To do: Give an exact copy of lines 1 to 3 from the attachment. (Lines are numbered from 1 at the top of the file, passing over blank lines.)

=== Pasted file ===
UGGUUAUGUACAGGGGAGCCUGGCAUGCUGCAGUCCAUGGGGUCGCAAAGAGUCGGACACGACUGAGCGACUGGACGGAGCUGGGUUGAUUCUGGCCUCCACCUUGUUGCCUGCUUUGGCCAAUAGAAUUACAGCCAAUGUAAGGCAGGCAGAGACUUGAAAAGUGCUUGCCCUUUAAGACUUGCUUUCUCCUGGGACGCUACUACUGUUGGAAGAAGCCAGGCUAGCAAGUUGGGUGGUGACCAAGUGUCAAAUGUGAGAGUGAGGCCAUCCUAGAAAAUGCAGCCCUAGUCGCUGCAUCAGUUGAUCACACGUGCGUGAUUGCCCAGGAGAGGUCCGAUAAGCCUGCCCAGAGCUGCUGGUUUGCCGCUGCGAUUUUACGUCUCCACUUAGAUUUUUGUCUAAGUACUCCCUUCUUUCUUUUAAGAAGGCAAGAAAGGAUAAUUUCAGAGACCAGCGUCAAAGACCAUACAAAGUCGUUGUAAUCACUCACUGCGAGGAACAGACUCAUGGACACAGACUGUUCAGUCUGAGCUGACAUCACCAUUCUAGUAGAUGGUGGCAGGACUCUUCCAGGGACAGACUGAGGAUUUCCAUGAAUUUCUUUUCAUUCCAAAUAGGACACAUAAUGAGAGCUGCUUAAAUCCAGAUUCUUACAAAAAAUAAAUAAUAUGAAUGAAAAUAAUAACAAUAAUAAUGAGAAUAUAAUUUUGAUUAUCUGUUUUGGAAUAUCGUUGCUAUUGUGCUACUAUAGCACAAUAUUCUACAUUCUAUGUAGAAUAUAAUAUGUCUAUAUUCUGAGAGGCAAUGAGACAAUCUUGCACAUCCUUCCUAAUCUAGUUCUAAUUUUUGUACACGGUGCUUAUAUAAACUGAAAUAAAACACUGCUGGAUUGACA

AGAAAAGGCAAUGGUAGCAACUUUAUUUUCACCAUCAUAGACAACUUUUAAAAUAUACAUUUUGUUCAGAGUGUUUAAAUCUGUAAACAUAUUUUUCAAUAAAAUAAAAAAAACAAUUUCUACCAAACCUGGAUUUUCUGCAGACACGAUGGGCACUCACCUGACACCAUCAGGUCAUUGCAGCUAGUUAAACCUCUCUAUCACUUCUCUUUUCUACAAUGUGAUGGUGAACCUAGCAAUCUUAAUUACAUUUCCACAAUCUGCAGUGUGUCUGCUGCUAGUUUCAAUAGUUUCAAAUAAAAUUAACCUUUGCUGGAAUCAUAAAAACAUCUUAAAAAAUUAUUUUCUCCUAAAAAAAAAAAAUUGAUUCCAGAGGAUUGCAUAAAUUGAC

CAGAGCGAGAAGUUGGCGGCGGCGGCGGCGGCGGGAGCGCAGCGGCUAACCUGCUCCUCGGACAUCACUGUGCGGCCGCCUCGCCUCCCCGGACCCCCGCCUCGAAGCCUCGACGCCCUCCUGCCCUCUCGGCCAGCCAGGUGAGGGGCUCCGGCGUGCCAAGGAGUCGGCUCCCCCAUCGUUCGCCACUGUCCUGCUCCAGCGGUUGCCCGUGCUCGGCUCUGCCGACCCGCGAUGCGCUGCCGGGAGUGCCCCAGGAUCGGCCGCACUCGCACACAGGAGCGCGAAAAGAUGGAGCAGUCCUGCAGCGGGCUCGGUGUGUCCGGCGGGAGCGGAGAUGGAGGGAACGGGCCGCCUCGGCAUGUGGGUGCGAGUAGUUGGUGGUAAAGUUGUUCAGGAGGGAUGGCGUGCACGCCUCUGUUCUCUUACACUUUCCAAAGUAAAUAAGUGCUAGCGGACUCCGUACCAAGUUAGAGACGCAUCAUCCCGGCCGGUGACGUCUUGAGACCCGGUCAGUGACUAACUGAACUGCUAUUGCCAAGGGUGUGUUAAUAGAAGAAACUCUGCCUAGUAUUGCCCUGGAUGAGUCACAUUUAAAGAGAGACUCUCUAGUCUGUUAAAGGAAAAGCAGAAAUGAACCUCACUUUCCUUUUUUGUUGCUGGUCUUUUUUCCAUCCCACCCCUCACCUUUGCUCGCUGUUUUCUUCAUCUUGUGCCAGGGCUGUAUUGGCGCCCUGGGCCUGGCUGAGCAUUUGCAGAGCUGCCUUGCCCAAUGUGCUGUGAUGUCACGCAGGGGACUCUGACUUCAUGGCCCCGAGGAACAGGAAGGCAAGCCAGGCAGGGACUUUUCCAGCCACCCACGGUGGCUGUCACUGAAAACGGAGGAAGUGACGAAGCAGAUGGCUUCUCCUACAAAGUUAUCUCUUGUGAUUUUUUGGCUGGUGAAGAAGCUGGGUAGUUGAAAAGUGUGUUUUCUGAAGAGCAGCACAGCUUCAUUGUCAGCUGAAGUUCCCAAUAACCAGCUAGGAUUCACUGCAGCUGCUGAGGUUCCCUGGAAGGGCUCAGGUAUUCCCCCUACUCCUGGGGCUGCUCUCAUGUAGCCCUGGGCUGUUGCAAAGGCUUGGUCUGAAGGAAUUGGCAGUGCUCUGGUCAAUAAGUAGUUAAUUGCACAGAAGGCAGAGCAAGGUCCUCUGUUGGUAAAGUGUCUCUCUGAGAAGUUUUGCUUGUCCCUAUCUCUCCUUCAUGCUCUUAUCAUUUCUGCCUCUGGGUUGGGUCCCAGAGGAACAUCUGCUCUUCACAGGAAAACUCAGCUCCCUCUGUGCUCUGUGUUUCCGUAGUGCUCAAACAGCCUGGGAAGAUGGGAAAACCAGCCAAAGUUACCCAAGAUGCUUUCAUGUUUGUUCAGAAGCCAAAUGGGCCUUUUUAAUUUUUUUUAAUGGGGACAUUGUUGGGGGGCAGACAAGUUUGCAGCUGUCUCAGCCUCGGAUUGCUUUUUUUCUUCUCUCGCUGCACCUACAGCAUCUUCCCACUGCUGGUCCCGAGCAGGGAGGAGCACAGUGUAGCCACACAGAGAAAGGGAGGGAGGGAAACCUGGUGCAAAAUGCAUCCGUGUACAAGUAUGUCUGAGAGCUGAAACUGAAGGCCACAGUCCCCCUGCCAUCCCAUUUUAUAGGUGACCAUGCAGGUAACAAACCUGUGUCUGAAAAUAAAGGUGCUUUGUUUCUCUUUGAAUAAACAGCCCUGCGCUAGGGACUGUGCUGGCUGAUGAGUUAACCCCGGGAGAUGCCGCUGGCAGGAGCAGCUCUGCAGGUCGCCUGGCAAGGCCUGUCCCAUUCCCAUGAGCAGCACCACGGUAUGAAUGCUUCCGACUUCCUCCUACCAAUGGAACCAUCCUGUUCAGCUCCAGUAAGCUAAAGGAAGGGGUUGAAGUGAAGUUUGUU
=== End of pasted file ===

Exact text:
UGGUUAUGUACAGGGGAGCCUGGCAUGCUGCAGUCCAUGGGGUCGCAAAGAGUCGGACACGACUGAGCGACUGGACGGAGCUGGGUUGAUUCUGGCCUCCACCUUGUUGCCUGCUUUGGCCAAUAGAAUUACAGCCAAUGUAAGGCAGGCAGAGACUUGAAAAGUGCUUGCCCUUUAAGACUUGCUUUCUCCUGGGACGCUACUACUGUUGGAAGAAGCCAGGCUAGCAAGUUGGGUGGUGACCAAGUGUCAAAUGUGAGAGUGAGGCCAUCCUAGAAAAUGCAGCCCUAGUCGCUGCAUCAGUUGAUCACACGUGCGUGAUUGCCCAGGAGAGGUCCGAUAAGCCUGCCCAGAGCUGCUGGUUUGCCGCUGCGAUUUUACGUCUCCACUUAGAUUUUUGUCUAAGUACUCCCUUCUUUCUUUUAAGAAGGCAAGAAAGGAUAAUUUCAGAGACCAGCGUCAAAGACCAUACAAAGUCGUUGUAAUCACUCACUGCGAGGAACAGACUCAUGGACACAGACUGUUCAGUCUGAGCUGACAUCACCAUUCUAGUAGAUGGUGGCAGGACUCUUCCAGGGACAGACUGAGGAUUUCCAUGAAUUUCUUUUCAUUCCAAAUAGGACACAUAAUGAGAGCUGCUUAAAUCCAGAUUCUUACAAAAAAUAAAUAAUAUGAAUGAAAAUAAUAACAAUAAUAAUGAGAAUAUAAUUUUGAUUAUCUGUUUUGGAAUAUCGUUGCUAUUGUGCUACUAUAGCACAAUAUUCUACAUUCUAUGUAGAAUAUAAUAUGUCUAUAUUCUGAGAGGCAAUGAGACAAUCUUGCACAUCCUUCCUAAUCUAGUUCUAAUUUUUGUACACGGUGCUUAUAUAAACUGAAAUAAAACACUGCUGGAUUGACA

AGAAAAGGCAAUGGUAGCAACUUUAUUUUCACCAUCAUAGACAACUUUUAAAAUAUACAUUUUGUUCAGAGUGUUUAAAUCUGUAAACAUAUUUUUCAAUAAAAUAAAAAAAACAAUUUCUACCAAACCUGGAUUUUCUGCAGACACGAUGGGCACUCACCUGACACCAUCAGGUCAUUGCAGCUAGUUAAACCUCUCUAUCACUUCUCUUUUCUACAAUGUGAUGGUGAACCUAGCAAUCUUAAUUACAUUUCCACAAUCUGCAGUGUGUCUGCUGCUAGUUUCAAUAGUUUCAAAUAAAAUUAACCUUUGCUGGAAUCAUAAAAACAUCUUAAAAAAUUAUUUUCUCCUAAAAAAAAAAAAUUGAUUCCAGAGGAUUGCAUAAAUUGAC

CAGAGCGAGAAGUUGGCGGCGGCGGCGGCGGCGGGAGCGCAGCGGCUAACCUGCUCCUCGGACAUCACUGUGCGGCCGCCUCGCCUCCCCGGACCCCCGCCUCGAAGCCUCGACGCCCUCCUGCCCUCUCGGCCAGCCAGGUGAGGGGCUCCGGCGUGCCAAGGAGUCGGCUCCCCCAUCGUUCGCCACUGUCCUGCUCCAGCGGUUGCCCGUGCUCGGCUCUGCCGACCCGCGAUGCGCUGCCGGGAGUGCCCCAGGAUCGGCCGCACUCGCACACAGGAGCGCGAAAAGAUGGAGCAGUCCUGCAGCGGGCUCGGUGUGUCCGGCGGGAGCGGAGAUGGAGGGAACGGGCCGCCUCGGCAUGUGGGUGCGAGUAGUUGGUGGUAAAGUUGUUCAGGAGGGAUGGCGUGCACGCCUCUGUUCUCUUACACUUUCCAAAGUAAAUAAGUGCUAGCGGACUCCGUACCAAGUUAGAGACGCAUCAUCCCGGCCGGUGACGUCUUGAGACCCGGUCAGUGACUAACUGAACUGCUAUUGCCAAGGGUGUGUUAAUAGAAGAAACUCUGCCUAGUAUUGCCCUGGAUGAGUCACAUUUAAAGAGAGACUCUCUAGUCUGUUAAAGGAAAAGCAGAAAUGAACCUCACUUUCCUUUUUUGUUGCUGGUCUUUUUUCCAUCCCACCCCUCACCUUUGCUCGCUGUUUUCUUCAUCUUGUGCCAGGGCUGUAUUGGCGCCCUGGGCCUGGCUGAGCAUUUGCAGAGCUGCCUUGCCCAAUGUGCUGUGAUGUCACGCAGGGGACUCUGACUUCAUGGCCCCGAGGAACAGGAAGGCAAGCCAGGCAGGGACUUUUCCAGCCACCCACGGUGGCUGUCACUGAAAACGGAGGAAGUGACGAAGCAGAUGGCUUCUCCUACAAAGUUAUCUCUUGUGAUUUUUUGGCUGGUGAAGAAGCUGGGUAGUUGAAAAGUGUGUUUUCUGAAGAGCAGCACAGCUUCAUUGUCAGCUGAAGUUCCCAAUAACCAGCUAGGAUUCACUGCAGCUGCUGAGGUUCCCUGGAAGGGCUCAGGUAUUCCCCCUACUCCUGGGGCUGCUCUCAUGUAGCCCUGGGCUGUUGCAAAGGCUUGGUCUGAAGGAAUUGGCAGUGCUCUGGUCAAUAAGUAGUUAAUUGCACAGAAGGCAGAGCAAGGUCCUCUGUUGGUAAAGUGUCUCUCUGAGAAGUUUUGCUUGUCCCUAUCUCUCCUUCAUGCUCUUAUCAUUUCUGCCUCUGGGUUGGGUCCCAGAGGAACAUCUGCUCUUCACAGGAAAACUCAGCUCCCUCUGUGCUCUGUGUUUCCGUAGUGCUCAAACAGCCUGGGAAGAUGGGAAAACCAGCCAAAGUUACCCAAGAUGCUUUCAUGUUUGUUCAGAAGCCAAAUGGGCCUUUUUAAUUUUUUUUAAUGGGGACAUUGUUGGGGGGCAGACAAGUUUGCAGCUGUCUCAGCCUCGGAUUGCUUUUUUUCUUCUCUCGCUGCACCUACAGCAUCUUCCCACUGCUGGUCCCGAGCAGGGAGGAGCACAGUGUAGCCACACAGAGAAAGGGAGGGAGGGAAACCUGGUGCAAAAUGCAUCCGUGUACAAGUAUGUCUGAGAGCUGAAACUGAAGGCCACAGUCCCCCUGCCAUCCCAUUUUAUAGGUGACCAUGCAGGUAACAAACCUGUGUCUGAAAAUAAAGGUGCUUUGUUUCUCUUUGAAUAAACAGCCCUGCGCUAGGGACUGUGCUGGCUGAUGAGUUAACCCCGGGAGAUGCCGCUGGCAGGAGCAGCUCUGCAGGUCGCCUGGCAAGGCCUGUCCCAUUCCCAUGAGCAGCACCACGGUAUGAAUGCUUCCGACUUCCUCCUACCAAUGGAACCAUCCUGUUCAGCUCCAGUAAGCUAAAGGAAGGGGUUGAAGUGAAGUUUGUU